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Duchy of Styria
Herzogtum Steiermark
Arms-Styria
1180 - 1918

Capital
Circle
Bench
Graz
Austrian
none
Raised from Margraviate 1180
To Hungary 1254 - 1260
Abolished 1918

The Duchy of Styria was an Imperial Estate of the Holy Roman Empire, roughly corresponding to the modern Austrian state of Styria and the informal Slovene province of Lower Styria. Traditionally, the duchy was bordered by Austria to the north, Salzburg to the west, Carinthia, Carniola and Croatia to the south, and Hungary to the east. The duchy was very mountainous and forested, earning it the nickname "Green March". Styria was rich in natural resources, with coal mining operations dating back to Roman times. Traditionally Styria was the most densely populated and richest mountainous region of Europe. The capital of Styria has always been Graz.

The lands of the duchy formed part of the Margraviate of Carnithia until 1056 when they were separated to form the Margraviate of Styria. In 1180 the Holy Roman Emperor Frederick I Barbarossa raised Styria to a duchy, ending the subordination of Styria to the Dukes of Carinthia. In 1186 Duke Ottokar I signed the Georgenberg Pact with Duke Leopold V of Austria which brought Sytria under Austrian rule after his death in 1192. After Leopold's death in 1194 Styria passed to his younger son Leopold VI the Glorious, while Austria passed to his elder son Frederick I. Leopold reunited the Babenberg lands in 1199 after Frederick's death.

After Duke Frederick III of Austria died in 1248 the male line of the Babenbergs became extinct. The heiress of Austria and Styria, Gertrude, married Margrave Herman VI of Baden-Baden. Herman could not establish himself in Austria, and after his death in 1250, Gertrude's second husband Roman of Halicz also failed, and Frederick I of Baden-Baden also could not, losing Styria to King Ottokar II Bohemia in 1251. King Bela IV of Hungary annexed Styria 1254 - 1260, after which Ottokar regained the duchy. Disputes with the House of Habsburg saw Ottokar lose Styria to King Rudolph I in 1276. Rudolph gave Styria to his son Albert I in 1282. In 1283 Albert was left the sole ruler of Austria and Styria and from that time on most Dukes of Styria were also the Dukes, and Archdukes, of Austria.

The Reformation arrived in Styria in c. 1530. Charles II later introduced the Counter-Reformation, invited the Jesuits into the country in 1573, and founded the Catholic University of Graz in 1586. All Protestant schools were closed and Protestant preachers were expelled in 1598. Protestantism only survived in the isolated valleys. An adopted narrow reading of the Peace of Augsburg (1555) allowed only the nobility to remain Protestant, although they had to keep the services inside their own homes. Also beginning in the 16th Century were Turkish raids which lead to the deaths of tens of thousands, the destruction of cities, villages and monasteries, and the enslavement of significant numbers of the population. By the time they ceased in the 17th Century, 20 destructive invasions had occurred.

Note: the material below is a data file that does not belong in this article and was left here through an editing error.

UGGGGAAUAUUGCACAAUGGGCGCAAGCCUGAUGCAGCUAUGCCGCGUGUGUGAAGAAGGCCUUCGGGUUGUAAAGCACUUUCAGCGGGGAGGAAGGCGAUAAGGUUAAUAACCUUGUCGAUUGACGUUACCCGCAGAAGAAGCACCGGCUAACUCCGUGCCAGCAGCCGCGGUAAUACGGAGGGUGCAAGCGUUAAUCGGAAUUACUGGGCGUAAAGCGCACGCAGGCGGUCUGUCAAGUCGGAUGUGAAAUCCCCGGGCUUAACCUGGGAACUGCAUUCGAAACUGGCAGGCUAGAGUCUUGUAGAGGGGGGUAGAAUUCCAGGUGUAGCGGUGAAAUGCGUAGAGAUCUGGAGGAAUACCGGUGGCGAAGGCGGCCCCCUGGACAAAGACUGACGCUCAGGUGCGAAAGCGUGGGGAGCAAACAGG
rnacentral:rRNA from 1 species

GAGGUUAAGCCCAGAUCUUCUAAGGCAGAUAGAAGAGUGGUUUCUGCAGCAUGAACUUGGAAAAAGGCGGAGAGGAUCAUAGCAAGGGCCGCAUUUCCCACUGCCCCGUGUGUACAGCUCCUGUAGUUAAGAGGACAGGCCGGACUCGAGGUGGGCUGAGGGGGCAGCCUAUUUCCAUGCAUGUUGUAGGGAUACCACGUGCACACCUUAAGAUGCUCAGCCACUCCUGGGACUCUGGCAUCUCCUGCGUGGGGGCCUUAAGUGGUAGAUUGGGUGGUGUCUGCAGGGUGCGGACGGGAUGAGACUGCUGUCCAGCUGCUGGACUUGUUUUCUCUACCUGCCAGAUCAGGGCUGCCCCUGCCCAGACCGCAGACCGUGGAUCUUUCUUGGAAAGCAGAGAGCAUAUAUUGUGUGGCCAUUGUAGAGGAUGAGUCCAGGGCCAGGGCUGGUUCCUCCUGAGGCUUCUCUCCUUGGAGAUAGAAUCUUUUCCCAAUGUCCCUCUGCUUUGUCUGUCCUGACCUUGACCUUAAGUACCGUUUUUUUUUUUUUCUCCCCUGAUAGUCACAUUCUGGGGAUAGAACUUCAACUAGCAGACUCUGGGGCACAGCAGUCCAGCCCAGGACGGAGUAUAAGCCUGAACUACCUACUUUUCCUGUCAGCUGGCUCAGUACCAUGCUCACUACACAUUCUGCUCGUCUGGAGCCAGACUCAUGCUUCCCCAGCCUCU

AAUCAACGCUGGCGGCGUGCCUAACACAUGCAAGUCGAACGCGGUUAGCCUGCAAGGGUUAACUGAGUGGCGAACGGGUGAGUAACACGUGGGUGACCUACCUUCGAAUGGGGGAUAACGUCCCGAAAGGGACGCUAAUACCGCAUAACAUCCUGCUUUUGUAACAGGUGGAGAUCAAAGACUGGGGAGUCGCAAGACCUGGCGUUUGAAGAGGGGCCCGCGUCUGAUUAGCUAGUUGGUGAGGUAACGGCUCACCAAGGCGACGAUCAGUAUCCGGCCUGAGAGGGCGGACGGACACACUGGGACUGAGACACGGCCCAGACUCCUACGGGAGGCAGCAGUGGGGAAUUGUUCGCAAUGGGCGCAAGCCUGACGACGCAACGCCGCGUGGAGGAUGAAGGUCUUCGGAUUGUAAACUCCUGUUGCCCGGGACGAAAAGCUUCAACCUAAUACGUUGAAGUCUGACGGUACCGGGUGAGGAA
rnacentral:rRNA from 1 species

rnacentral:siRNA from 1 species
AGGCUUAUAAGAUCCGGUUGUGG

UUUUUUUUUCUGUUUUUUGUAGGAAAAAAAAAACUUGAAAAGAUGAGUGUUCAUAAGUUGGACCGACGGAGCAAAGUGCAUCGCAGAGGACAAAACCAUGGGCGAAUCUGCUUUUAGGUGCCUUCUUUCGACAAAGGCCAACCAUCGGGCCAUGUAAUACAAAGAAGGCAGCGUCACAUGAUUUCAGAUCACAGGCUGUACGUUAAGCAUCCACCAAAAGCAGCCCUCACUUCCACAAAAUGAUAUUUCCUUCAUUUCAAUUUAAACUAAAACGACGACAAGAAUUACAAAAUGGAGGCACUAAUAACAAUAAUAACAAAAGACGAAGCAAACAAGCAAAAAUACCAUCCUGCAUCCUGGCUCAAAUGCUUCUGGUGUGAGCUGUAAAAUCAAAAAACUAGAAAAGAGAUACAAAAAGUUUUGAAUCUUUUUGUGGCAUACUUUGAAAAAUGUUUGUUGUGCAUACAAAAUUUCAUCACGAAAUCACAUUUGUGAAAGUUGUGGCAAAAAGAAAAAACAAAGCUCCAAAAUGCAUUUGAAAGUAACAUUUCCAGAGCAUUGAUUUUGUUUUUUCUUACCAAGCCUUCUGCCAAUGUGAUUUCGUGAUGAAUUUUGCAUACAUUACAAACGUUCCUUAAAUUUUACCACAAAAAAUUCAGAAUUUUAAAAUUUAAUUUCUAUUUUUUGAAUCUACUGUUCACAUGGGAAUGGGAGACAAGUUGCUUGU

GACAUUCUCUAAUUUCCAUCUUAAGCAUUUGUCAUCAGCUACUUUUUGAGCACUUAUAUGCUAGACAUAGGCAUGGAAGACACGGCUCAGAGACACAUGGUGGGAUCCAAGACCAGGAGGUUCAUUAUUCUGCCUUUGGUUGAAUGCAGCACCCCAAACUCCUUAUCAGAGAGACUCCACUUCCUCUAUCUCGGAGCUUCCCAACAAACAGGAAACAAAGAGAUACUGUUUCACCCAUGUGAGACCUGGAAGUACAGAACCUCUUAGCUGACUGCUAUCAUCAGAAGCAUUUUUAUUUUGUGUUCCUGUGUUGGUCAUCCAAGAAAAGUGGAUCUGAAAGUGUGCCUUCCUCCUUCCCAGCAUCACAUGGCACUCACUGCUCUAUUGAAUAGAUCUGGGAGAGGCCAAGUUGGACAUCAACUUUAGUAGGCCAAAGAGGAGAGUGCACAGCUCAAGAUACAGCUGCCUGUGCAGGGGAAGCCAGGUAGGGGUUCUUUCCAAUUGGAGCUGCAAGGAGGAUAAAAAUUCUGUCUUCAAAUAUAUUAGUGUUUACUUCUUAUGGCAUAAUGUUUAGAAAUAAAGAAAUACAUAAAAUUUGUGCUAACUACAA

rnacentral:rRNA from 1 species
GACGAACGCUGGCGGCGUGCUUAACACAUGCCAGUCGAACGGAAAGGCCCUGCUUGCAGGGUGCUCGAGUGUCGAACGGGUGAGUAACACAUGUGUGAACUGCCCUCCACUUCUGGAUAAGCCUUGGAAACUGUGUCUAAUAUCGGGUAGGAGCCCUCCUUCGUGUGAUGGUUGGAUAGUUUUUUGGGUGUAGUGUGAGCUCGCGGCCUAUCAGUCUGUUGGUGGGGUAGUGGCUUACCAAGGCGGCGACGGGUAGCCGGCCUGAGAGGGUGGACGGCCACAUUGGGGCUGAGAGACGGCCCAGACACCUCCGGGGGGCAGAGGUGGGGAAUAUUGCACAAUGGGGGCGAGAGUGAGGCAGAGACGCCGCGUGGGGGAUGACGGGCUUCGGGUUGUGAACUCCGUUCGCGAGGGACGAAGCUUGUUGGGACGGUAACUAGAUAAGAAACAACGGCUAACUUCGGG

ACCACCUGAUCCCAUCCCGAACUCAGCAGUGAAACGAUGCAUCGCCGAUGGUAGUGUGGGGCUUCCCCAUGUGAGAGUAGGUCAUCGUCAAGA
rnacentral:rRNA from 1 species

After the Emperor Ferdinand II defeated the Protestant rebellion at the Battle of the White Mountain near Prague in 1620, all Protestant church services were forbidden in 1625. Three years later the nobility were forced to reconvert to Catholicism or lose the possessions and lands and be exiled. Many left bankrupt but they later returned and converted, or their descendents did. The latter half of the 17th Century saw further anti-Protestant actions taken against the communities in the isolated valleys. 30,000 people were forcibly exiled to Transylvania when they refused to convert. It was only the Emperor Joseph II in 1781 that ended religious persecution. In 1848 Styria, with the other lands of the Habsburg monarchy, were granted complete liberty of religion and of conscience, parity of religions, and the right to the public exercise of religion.

After the defeat of Austria-Hungary in 1918, the Treaty of Saint Germain divided and abolished the Duchy of Styria. The southern Slovene-speaking third was given to the Kingdom of Serbs, Croats and Slovenes. The northern two thirds, containing the city of Graz, was made the state of Styria in Austria.


Austro-Hungarian Empire
Cisleithania
Bohemia | Bukovina | Carinthia | Carniola | Dalmatia | Galicia and Lodomeria | Littoral
Lower Austria | Moravia | Salzburg | Silesia | Styria | Tyrol | Upper Austria | Vorarlberg
Transleithania
Croatia-Slavonia | Hungary | Rijeka
Bosnia and Herzegovina


Austrian Circle
on the Adige | Austria (bailiwick) | Breisgau | Brixen | Carinthia | Carniola | Chur | Friuli
Further Austria | Gorizia | Lower Austria | Styria | Tarasp | Trent | Tyrol | Upper Austria

Earlier Members:
Austria (archduchy) | Gradisca | Gurk | Hardegg | Lavant | Losenstein | Rogendorf
Schaunberg | Seckau | Wolkenstein-Rodenegg

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